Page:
Autonomy, self-knowledge, and liberal legitimacy

Research output: Chapter in Book/Report/Conference proceedingChapter

39 Scopus citations


In the Enlightenment tradition of the justification of political authority, institutions of state power are seen as legitimate only if such institutions can be freely supported by those living under them. Liberal legitimacy, then, assumes that autonomous citizens can endorse the principles that shape the institutions of political power. The conception of autonomy functioning in such a picture, moreover, requires that such citizens uniformly enjoy the capacity to rationally reflect upon and critically appraise their own values, moral commitments, and political convictions. In this way, political power is an outgrowth of autonomous personhood and choice. This traditional understanding of political legitimacy has been challenged from any number of directions, most notably from those who charge that the picture of the autonomous person underlying the mechanism of authority is parochial, exclusionary, and in tension with the sought-for legitimacy it is used to support. In this last vein, it can be charged that the requirements of general support for principles of justice in a modern, pluralistic society are in tension with the assumptions concerning individual autonomy underlying that concept. For the problem facing liberal conceptions of justice and legitimacy is that political power can be seen as justified only when supported by autonomous citizens, but the requirements of autonomy, in many construals of that term, are too stringent to be met by the majority of citizens bound by political institutions.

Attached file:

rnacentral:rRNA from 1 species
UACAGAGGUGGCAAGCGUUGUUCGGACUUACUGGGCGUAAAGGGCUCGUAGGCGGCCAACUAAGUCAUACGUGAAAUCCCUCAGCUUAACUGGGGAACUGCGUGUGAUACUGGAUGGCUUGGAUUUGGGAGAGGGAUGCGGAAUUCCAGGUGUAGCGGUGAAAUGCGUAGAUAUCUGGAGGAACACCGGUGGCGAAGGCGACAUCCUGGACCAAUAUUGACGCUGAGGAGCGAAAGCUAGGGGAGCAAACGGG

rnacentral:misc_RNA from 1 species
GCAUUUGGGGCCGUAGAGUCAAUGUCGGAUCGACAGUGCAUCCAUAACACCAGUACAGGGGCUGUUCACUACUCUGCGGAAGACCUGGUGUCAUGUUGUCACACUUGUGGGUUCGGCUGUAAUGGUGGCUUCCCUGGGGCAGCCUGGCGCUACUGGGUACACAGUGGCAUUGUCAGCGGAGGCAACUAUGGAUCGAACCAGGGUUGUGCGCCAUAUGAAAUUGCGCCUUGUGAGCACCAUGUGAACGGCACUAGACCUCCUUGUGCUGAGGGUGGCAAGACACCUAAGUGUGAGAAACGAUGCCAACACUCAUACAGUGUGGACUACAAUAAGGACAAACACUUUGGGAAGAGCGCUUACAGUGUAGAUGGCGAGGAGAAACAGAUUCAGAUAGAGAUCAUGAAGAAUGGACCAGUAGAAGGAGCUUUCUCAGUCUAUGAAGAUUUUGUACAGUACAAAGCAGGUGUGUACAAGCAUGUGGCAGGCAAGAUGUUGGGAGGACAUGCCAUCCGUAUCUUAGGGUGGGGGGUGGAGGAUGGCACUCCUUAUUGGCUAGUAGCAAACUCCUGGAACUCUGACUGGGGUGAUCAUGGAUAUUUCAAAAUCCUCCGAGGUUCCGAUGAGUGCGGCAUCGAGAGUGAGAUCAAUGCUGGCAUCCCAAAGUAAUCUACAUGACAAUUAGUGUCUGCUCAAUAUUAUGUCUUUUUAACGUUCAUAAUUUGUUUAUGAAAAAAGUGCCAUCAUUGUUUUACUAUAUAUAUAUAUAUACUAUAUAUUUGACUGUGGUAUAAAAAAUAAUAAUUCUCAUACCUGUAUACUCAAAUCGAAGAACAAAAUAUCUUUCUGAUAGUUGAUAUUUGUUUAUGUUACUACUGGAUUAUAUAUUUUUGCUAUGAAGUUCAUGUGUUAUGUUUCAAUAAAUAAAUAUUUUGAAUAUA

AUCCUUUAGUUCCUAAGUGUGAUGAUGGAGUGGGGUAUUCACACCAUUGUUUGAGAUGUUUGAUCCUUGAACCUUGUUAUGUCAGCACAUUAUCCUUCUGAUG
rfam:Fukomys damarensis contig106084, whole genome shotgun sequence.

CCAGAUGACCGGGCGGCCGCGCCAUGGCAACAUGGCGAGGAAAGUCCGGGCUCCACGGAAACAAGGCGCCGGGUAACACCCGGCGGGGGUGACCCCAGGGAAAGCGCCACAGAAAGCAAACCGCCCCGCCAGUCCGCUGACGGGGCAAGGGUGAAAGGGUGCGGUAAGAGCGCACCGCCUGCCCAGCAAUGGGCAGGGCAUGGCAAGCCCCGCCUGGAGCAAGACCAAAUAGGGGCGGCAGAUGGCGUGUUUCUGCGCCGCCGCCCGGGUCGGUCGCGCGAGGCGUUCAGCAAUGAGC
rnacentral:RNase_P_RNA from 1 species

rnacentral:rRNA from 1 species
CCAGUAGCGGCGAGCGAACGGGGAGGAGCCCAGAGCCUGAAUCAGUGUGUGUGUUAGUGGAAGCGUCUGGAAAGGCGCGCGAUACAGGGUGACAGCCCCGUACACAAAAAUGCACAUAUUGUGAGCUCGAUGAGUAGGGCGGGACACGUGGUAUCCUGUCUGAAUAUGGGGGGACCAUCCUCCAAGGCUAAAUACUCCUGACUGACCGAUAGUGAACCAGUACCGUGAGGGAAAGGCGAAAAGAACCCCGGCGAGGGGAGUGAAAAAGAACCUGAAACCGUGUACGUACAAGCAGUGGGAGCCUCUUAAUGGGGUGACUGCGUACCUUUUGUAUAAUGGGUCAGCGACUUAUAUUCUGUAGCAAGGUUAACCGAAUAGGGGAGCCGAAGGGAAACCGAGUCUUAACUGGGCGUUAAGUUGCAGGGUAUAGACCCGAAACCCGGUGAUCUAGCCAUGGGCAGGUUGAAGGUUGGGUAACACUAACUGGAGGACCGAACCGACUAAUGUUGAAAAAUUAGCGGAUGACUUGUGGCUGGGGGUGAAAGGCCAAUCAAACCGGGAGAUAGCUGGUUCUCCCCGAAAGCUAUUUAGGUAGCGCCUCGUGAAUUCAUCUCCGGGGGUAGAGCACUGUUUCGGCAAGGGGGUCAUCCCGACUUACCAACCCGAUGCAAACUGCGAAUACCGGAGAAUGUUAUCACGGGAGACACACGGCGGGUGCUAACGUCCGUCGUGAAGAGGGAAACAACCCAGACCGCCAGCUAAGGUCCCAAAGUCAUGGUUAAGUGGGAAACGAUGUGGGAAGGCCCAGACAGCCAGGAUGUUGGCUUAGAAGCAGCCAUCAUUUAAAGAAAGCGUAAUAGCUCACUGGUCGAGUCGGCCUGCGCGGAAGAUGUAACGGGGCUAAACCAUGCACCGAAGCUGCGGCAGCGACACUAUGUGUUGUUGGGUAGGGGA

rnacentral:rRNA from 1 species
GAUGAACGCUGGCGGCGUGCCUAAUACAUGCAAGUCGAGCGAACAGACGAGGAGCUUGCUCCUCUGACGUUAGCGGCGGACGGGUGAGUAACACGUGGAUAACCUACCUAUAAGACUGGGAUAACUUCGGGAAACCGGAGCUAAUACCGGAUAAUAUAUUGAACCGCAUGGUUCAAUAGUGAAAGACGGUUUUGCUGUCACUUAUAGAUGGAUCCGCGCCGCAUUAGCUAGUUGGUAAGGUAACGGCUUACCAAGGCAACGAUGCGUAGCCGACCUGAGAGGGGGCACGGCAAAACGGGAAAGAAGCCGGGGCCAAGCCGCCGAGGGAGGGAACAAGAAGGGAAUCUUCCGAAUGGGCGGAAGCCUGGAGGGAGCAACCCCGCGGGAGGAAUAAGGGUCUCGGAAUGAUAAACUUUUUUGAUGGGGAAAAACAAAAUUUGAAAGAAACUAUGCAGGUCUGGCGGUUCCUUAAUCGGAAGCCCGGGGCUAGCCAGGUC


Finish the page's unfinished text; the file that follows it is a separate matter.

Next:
Original languageEnglish (US)
Title of host publicationAutonomy and the Challenges to Liberalism
Subtitle of host publicationNew Essays
PublisherCambridge University Press
Number of pages29
ISBN (Electronic)9780511610325
ISBN (Print)0521839513, 9780521839518
StatePublished - Jan 1 2005

All Science Journal Classification (ASJC) codes

  • General Arts and Humanities


Dive into the research topics of 'Autonomy, self-knowledge, and liberal legitimacy'. Together they form a unique fingerprint.

Cite this